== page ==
DC FANDOME 2021: A Disappointing, Bloated Event With A Few Awesome Reveals But No Real News
DC FanDome may have left us with a lot of cool sneak peeks and trailers to enjoy, but beyond that, a lack of news, content without context, and tonnes of filler ensured this was far from a must-see event.
Last year's DC FanDome arrived in the midst of the COVID-19 pandemic and was a welcome distraction. It certainly wasn't perfect (there were more than a few technical mishaps along the way), but yesterday's follow-up proved that Warner Bros. still has a lot to learn when it comes to connecting with its DC fanbase.
For the most part, we can't fault the content that was released; The Batman trailer, for example, is nothing short of extraordinary. New trailers for Suicide Squad: Kill the Justice League and Peacemaker were appreciated, while those behind the scenes featurettes offered some fun sneak peeks at what's to come (Black Manta's comic-accurate costume in Aquaman and the Lost Kingdom or Shazam! Fury of the Gods' villains were among the highlights).
For whatever reason, Warner Bros. failed to officially upload much of that content to YouTube this time, meaning that fans have been forced to rely on bootleg, not fully-HD copies. Making content exclusive to DC FanDome is one thing, but how many people really endured that entire three-and-a-half-hour broadcast and its overly cheery hosts? We're betting not as many as who watched those videos separately after the show. Beyond not being able to present them to you as we'd like, it doesn't really affect us, but for casual fans already turned off by the DCEU after a rocky few years, this wasn't the smartest way to reach them.
DC FanDome often veered from unbearable filler - The Suicide Squad's Flula Borg reeling off terrible jokes and endless galleries of fan art - to being all too brief. The Flash, for example, shared a minute-long sneak peek that teased Michael Keaton's Batman despite concept art from last year showing him suited up alongside the Scarlet Speedster. Supergirl has been spotted in full costume on the movie's set, but barely got a look in here. The celebrity guests, meanwhile, either read scripted promos or looked like they'd rather be somewhere else (there were, however, at least a few exceptions). Ultimately, there was nothing here to break the internet (why not share a first look at the Justice Society, for example?), and while we can appreciate that many of these movies have only recently wrapped shooting, this lack of effort means nothing beyond that trailer for The Batman is likely to leave a lasting impact.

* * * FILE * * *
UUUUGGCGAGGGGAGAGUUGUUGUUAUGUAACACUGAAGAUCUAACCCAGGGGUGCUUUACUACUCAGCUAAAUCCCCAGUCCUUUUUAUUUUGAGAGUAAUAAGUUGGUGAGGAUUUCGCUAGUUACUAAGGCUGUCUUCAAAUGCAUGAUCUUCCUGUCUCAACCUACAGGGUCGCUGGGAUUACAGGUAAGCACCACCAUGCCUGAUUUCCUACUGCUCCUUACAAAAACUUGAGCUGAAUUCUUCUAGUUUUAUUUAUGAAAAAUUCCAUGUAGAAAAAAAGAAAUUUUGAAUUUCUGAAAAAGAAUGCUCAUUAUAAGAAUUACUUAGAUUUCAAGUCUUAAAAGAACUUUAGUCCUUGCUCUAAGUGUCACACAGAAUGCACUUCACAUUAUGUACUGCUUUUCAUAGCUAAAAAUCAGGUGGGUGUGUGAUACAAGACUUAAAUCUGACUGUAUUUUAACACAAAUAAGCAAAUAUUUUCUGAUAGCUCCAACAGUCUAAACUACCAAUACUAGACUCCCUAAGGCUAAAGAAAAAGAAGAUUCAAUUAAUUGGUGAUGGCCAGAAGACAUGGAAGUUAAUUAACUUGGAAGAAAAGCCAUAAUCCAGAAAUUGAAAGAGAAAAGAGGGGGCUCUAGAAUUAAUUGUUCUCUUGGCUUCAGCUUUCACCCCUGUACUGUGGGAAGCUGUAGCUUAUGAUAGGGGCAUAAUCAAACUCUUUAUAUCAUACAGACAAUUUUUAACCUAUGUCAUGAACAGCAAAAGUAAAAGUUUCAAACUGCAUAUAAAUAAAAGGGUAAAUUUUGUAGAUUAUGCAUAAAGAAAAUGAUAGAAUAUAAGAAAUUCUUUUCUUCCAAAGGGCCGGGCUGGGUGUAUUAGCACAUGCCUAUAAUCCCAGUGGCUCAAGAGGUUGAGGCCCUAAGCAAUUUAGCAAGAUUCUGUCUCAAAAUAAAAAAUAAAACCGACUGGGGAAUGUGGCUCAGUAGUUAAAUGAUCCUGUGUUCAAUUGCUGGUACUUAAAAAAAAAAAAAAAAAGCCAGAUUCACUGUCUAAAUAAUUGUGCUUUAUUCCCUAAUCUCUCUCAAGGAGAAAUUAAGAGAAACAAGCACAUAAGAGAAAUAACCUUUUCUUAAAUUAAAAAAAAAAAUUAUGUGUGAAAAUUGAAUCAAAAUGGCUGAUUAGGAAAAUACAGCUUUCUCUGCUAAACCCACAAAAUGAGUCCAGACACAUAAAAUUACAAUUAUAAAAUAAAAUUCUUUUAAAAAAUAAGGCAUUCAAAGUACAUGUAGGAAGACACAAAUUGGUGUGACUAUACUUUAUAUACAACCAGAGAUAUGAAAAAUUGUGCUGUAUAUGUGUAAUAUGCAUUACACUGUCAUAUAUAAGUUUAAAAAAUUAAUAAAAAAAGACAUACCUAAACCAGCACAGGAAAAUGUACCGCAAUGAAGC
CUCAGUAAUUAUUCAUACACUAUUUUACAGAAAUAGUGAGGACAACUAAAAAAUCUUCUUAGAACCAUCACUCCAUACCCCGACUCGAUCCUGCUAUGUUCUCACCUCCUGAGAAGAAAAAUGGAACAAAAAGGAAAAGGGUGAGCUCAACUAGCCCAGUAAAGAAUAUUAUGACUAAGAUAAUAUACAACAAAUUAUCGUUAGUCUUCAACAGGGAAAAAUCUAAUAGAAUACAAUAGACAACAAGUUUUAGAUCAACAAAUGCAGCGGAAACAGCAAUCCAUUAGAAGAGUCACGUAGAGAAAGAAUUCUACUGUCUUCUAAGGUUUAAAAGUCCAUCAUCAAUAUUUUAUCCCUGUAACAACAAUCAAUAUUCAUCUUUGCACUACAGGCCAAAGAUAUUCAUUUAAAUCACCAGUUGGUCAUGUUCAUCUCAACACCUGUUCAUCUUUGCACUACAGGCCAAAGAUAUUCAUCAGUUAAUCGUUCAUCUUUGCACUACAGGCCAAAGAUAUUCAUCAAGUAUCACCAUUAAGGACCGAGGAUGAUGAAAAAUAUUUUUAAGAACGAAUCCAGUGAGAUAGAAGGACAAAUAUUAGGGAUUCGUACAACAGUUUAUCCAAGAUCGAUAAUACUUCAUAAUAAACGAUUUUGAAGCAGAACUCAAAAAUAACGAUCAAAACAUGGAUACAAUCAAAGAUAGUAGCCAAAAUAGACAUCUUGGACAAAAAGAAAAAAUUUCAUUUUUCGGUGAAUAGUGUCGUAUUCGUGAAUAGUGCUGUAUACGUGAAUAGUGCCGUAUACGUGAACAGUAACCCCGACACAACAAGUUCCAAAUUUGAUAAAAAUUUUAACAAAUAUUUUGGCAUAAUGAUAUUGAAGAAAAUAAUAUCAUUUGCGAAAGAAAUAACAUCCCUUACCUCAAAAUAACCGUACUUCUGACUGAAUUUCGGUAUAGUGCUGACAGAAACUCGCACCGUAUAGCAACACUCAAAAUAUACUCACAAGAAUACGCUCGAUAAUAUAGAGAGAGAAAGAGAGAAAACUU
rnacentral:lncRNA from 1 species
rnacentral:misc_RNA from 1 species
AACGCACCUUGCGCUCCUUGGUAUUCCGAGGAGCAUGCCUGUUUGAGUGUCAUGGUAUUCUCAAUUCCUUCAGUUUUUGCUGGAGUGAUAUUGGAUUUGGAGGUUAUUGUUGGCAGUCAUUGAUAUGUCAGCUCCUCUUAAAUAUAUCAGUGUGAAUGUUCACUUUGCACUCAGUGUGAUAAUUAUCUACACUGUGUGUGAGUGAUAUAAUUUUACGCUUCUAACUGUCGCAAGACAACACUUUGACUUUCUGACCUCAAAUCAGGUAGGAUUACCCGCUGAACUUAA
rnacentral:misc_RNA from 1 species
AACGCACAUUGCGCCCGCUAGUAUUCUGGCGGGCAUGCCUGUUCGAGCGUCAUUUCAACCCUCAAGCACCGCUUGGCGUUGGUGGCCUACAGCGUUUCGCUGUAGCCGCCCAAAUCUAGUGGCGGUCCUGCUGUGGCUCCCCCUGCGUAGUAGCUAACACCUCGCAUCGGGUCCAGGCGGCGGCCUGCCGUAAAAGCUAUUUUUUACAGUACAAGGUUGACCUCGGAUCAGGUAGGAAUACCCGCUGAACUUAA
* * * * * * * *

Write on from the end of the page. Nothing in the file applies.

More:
That aside, the lack of news was definitely a disappointment. Sure, we got a piece of concept art for Batgirl and some DC TV renewals, but without a single release date or upcoming movie announcement, it's hard to start looking forward to the future of the DC Extended Universe beyond 2022. Once again, it feels like a lack of planning on Warner Bros.' part means DC properties are still low on the priority list and they probably know as much about what comes next as the rest of us. We're not even talking about building a shared universe here; simply knowing what's on the horizon for this DCEU "franchise" and having at least a few new movies and TV shows to look forward to would have helped DC FanDome a great deal.
Last year's Disney Investor Day was aimed more at investors than fans (hence the name), but along the way, Disney, Star Wars, Marvel, and Pixar lovers were given years worth of content to look forward to, most of which actually had a solid release date or debut window. The DC Universe, meanwhile, remains in flux, and we could have all saved our Saturday morning/afternoon/evening had these sneak peeks just been dropped on YouTube. With arguably not a single reveal that couldn't have just randomly debuted on social media over the next few months, the "FanDome" no longer seems like an essential place to visit, especially when those organising it seem unable to connect with or understand the fans it's named at.